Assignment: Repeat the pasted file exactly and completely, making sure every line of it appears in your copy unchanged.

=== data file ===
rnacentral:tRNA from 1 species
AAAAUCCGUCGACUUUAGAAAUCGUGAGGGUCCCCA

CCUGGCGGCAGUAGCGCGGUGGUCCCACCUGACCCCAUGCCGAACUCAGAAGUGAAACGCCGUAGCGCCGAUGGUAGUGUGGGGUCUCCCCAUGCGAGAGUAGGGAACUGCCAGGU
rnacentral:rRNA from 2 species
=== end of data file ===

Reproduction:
rnacentral:tRNA from 1 species
AAAAUCCGUCGACUUUAGAAAUCGUGAGGGUCCCCA

CCUGGCGGCAGUAGCGCGGUGGUCCCACCUGACCCCAUGCCGAACUCAGAAGUGAAACGCCGUAGCGCCGAUGGUAGUGUGGGGUCUCCCCAUGCGAGAGUAGGGAACUGCCAGGU
rnacentral:rRNA from 2 species